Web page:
Periodic campaigns on the benefits of condoms serve as essential reminders for responsibility and carefulness in sexual conduct. They are organized by the National AIDS Control Organisation (NACO), an arm of the Ministry of Health and Family Welfare. Anybody mindful of public campaigns may have come across posters that encourage the use of preventive rubber. Bus stops and railway stations in New Delhi are common places to find them.
Termed "Ek Achchi Aadat" (A Good Habit), the current campaign exhorts the habitual use of condoms. It uses four different posters to put across the message. I have highlighted sexism in private condom advertisements before, but clearly public notices have also fallen prey to it.
Take the following posters that are currently circulating in the city and are also available on the NACO website:
Poster 1 and Poster 2 have the common message – "Har Samajhdar Mard Ki Ek Achchi Aadat" (A Good Habit Of Every Intelligent Man). Does the use of condoms or the insistence on it make only the man intelligent? What does the use of condoms or the insistence on it make the woman then? Does it make her a rocket scientist? Or, an alien perhaps?
The absence of the woman in both these posters is a likely indication of the conservative attitude that society has towards women in India.
The use of condoms involves purchase, which is a public act. And unless a woman is buying condoms to make balloons, it is very likely that she will use it for sex. Now, that is assertion -- a woman is in the market to buy a small piece of rubber that is vital for the health of all humans, irrespective of gender. She may use it with her husband or with the man she met minutes ago.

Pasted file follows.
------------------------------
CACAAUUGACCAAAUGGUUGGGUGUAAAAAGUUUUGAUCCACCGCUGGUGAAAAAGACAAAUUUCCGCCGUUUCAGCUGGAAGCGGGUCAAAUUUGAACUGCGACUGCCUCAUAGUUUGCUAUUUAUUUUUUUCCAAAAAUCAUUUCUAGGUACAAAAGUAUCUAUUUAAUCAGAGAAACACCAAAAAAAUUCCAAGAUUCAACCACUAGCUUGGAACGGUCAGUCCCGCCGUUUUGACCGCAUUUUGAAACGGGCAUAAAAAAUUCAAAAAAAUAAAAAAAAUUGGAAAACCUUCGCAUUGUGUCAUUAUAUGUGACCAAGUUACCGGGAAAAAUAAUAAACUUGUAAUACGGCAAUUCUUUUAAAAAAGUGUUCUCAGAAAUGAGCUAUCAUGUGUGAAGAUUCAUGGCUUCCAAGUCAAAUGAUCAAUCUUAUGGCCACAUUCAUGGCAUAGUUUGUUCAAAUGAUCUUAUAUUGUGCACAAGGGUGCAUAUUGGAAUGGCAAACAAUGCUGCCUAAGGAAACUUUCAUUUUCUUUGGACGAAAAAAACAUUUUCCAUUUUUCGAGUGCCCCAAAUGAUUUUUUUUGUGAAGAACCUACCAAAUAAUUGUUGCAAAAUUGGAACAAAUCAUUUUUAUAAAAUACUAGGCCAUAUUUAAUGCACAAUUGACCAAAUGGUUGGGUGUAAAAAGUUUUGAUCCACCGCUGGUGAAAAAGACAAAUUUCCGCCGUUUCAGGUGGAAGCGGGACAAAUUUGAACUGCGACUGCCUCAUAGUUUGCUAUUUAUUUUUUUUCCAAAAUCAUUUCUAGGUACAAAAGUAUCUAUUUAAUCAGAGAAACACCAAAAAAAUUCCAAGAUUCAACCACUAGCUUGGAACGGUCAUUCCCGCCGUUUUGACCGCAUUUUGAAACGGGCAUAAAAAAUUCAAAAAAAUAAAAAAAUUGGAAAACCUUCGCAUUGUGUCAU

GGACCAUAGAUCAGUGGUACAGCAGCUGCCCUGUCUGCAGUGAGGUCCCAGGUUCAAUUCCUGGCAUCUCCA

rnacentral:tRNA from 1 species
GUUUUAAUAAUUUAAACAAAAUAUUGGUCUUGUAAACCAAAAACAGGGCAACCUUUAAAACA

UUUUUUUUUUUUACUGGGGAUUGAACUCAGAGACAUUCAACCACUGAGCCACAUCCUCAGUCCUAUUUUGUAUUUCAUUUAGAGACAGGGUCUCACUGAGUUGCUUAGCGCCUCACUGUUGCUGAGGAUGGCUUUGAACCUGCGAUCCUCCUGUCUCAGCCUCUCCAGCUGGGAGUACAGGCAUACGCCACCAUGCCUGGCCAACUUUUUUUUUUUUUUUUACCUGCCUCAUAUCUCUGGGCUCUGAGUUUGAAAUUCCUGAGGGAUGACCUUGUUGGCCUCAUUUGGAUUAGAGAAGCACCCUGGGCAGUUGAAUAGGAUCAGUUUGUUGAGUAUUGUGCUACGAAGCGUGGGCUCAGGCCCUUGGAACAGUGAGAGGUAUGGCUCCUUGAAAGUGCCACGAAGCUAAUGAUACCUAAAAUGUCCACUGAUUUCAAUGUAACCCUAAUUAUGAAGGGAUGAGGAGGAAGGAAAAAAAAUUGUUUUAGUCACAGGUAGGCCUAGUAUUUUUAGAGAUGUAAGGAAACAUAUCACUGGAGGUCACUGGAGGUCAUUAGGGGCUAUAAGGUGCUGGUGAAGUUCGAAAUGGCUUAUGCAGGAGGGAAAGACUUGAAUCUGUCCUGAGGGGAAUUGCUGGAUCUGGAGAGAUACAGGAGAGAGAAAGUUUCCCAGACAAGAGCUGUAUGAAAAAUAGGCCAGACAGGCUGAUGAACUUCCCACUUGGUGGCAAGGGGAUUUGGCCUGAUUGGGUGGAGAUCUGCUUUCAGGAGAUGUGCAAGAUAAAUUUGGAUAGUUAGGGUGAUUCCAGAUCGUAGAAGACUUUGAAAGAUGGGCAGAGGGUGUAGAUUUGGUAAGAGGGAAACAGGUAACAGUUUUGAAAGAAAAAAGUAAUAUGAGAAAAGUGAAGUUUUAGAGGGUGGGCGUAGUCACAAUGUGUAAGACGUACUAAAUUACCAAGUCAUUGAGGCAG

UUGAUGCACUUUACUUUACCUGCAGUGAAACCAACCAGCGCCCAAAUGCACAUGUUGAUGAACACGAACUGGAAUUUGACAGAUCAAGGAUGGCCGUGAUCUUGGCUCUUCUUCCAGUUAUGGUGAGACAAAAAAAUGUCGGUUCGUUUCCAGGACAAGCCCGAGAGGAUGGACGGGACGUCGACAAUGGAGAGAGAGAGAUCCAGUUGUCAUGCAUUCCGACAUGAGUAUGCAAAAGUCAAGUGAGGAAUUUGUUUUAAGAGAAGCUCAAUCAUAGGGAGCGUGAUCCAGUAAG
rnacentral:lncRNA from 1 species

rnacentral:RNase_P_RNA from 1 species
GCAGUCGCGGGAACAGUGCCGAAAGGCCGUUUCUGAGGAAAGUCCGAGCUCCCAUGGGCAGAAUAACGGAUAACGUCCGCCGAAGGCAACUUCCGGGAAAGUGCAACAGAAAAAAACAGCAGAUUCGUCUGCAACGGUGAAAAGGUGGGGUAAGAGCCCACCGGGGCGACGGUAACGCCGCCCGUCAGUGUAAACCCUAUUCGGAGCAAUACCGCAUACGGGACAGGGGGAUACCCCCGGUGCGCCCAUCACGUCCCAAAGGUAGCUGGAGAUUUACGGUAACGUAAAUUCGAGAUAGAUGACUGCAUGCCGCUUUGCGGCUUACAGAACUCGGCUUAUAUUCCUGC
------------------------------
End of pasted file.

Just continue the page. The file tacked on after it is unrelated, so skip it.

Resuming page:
In this age of Tinder, sex "inside" or "outside" marriage, and with "known" or "unknown" others is a reality in large parts of India and also in smaller pockets of Bharat. But the State is yet to wake up. Perhaps this explains the absence of women in public campaigns against Sexually Transmitted Diseases (STDs).
It is not as if women are completely absent from the poster campaign. For instance, the other two posters from the current campaign do portray women:
Again, Poster 3 and Poster 4 have a common message -- "Ek Aadat Jo Badhaye Pyaar, Banaye Aapko Zimmedar" (A Habit That Intensifies Love, Makes You Responsible). The placement of the male figures in both posters is key to understand the marginalization of women, even if they are visible, when it comes to talking sex.
The woman in Poster 3 is riding pillion -- a position which makes her less of an actor in the immediate context of travel and in the larger context of setting the rules for sexual intercourse. Surely, a woman riding a two-wheeler is not that difficult to locate on the streets of New Delhi or elsewhere in the country.
The absence of an assertive female figure in the NACO posters ignores the fact that women have the right to insist upon the use of condoms...
If Poster 3 has the female figure to the left, then it switches position in Poster 4. The female figure is now to the right and the male figure to the left. Since most scripts run from left to right, is it a mere coincidence that the male figure takes the pole position once again when it comes to initiative on safe sex and therefore on sexual intercourse?
When a pattern of subordination of female agency and sexual intercourse is evident in all the posters, then it is likely that they are not coincidences. They reflect social anxieties about the sexual freedom of women. The absence of an assertive female figure in the NACO posters ignores the fact that women have the right to insist upon the use of condoms by their sexual partners. Thus, the message in the public campaign is not directly encouraging almost half the population to practice safe sex.
Next time NACO embarks on an awareness drive, it will perhaps be helpful to watch the campaign below. It is a funny and effective take on women and their right to safe sex.